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The group of children continues to describe their games gleefully, with some grabbing hands to demonstrate a singing game.

“If you can get any slips of paper, what would you want to get?” we ask Albeeya.

“Just everything,” she says.

“Everything, like what?” we press.

“Everything,” she repeats, smiling. (VOA)

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Aadhaar Helpline Mystery: French Security Expert Tweets of doing a Full Disclosure Tomorrow about Code of the Google SetUP Wizard App

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Google adds support for hashtags on Maps for Android devices. Wikimedia Commons

Google’s admission that it had in 2014 inadvertently coded the 112 distress number and the UIDAI helpline number into its setup wizard for Android devices triggered another controversy on Saturday as India’s telecom regulator had only recommended the use of 112 as an emergency number in April 2015.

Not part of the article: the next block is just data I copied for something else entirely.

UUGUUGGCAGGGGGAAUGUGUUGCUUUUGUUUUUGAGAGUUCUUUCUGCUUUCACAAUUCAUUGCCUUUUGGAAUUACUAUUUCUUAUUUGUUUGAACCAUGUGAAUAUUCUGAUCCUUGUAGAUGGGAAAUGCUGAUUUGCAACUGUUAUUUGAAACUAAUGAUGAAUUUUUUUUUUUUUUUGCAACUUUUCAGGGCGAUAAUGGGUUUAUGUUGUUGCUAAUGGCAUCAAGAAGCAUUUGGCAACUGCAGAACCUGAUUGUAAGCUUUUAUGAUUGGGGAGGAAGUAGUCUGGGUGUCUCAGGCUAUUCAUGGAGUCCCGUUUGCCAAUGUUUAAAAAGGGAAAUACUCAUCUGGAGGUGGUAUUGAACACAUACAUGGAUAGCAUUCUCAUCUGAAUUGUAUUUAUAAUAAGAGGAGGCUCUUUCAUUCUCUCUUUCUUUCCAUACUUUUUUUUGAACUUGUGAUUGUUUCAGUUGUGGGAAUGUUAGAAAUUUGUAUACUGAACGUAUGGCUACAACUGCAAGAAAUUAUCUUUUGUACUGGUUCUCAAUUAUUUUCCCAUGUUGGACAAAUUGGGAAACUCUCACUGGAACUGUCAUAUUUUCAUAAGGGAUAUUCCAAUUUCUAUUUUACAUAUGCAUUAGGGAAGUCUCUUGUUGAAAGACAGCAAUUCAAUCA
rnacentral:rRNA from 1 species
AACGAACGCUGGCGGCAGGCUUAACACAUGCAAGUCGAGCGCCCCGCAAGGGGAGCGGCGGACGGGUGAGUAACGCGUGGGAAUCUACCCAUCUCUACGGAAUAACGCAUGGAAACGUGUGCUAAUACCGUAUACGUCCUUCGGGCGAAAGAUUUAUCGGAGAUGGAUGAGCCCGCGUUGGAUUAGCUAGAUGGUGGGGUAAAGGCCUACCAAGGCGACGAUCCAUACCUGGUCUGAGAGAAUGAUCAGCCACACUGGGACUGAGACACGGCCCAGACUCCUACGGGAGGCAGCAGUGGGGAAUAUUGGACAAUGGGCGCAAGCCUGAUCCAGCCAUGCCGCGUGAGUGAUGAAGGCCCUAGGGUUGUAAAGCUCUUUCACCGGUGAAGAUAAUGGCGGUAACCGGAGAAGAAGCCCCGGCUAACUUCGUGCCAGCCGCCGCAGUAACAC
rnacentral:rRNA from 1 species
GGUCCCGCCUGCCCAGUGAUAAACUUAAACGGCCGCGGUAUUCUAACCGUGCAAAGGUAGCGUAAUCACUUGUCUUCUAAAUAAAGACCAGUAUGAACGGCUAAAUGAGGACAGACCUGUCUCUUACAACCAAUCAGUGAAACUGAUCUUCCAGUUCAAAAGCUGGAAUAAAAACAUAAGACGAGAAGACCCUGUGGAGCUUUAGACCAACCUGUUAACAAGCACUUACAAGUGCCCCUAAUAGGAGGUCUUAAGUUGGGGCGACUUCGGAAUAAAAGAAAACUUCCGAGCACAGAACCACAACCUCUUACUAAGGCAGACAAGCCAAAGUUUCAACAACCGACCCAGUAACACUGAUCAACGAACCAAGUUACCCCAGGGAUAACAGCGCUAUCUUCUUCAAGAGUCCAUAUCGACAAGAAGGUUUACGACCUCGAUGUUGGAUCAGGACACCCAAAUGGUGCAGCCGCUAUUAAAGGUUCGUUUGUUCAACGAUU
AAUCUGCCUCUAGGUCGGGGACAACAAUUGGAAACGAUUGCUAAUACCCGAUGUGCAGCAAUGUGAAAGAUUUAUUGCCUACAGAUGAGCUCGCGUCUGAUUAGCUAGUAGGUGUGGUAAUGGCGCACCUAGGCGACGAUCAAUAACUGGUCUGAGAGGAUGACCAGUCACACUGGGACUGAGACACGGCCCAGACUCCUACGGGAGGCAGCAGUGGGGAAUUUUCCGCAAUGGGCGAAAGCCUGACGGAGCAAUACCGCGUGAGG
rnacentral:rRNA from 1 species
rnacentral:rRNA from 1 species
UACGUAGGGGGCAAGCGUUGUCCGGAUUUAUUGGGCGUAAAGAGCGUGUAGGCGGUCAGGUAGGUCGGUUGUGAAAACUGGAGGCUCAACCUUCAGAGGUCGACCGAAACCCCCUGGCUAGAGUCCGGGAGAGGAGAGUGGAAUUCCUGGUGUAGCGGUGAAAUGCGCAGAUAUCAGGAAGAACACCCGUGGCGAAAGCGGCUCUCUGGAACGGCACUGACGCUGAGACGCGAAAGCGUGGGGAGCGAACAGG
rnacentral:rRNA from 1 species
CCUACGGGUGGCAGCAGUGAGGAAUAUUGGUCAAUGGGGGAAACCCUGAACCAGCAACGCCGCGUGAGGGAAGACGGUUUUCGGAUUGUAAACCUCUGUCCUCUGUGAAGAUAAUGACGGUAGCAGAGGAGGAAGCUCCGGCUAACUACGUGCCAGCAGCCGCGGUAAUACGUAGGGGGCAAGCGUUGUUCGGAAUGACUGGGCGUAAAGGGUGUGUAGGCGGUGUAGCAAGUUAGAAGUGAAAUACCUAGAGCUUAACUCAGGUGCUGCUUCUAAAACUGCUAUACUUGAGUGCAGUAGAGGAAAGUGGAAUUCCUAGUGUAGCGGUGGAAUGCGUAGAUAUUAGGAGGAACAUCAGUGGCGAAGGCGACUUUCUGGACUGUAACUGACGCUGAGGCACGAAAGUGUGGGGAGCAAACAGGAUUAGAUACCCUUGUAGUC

After a large section of smartphone users in India saw a toll-free helpline number of UIDAI saved in their phone-books by default, Google issued a statement, saying its “internal review revealed that in 2014, the then UIDAI helpline number and the 112 distress helpline number were inadvertently coded into the SetUp wizard of the Android release given to OEMs for use in India and has remained there since”.

Aadhaar Helpline Number Mystery: French security expert tweets of doing a full disclosure tomorrow about Code of the Google SetUP Wizard App, Image: Wikimedia Commons.

However, the Telecom Regulatory Authority of India (TRAI) recommended only in April 2015 that the number 112 be adopted as the single emergency number for the country.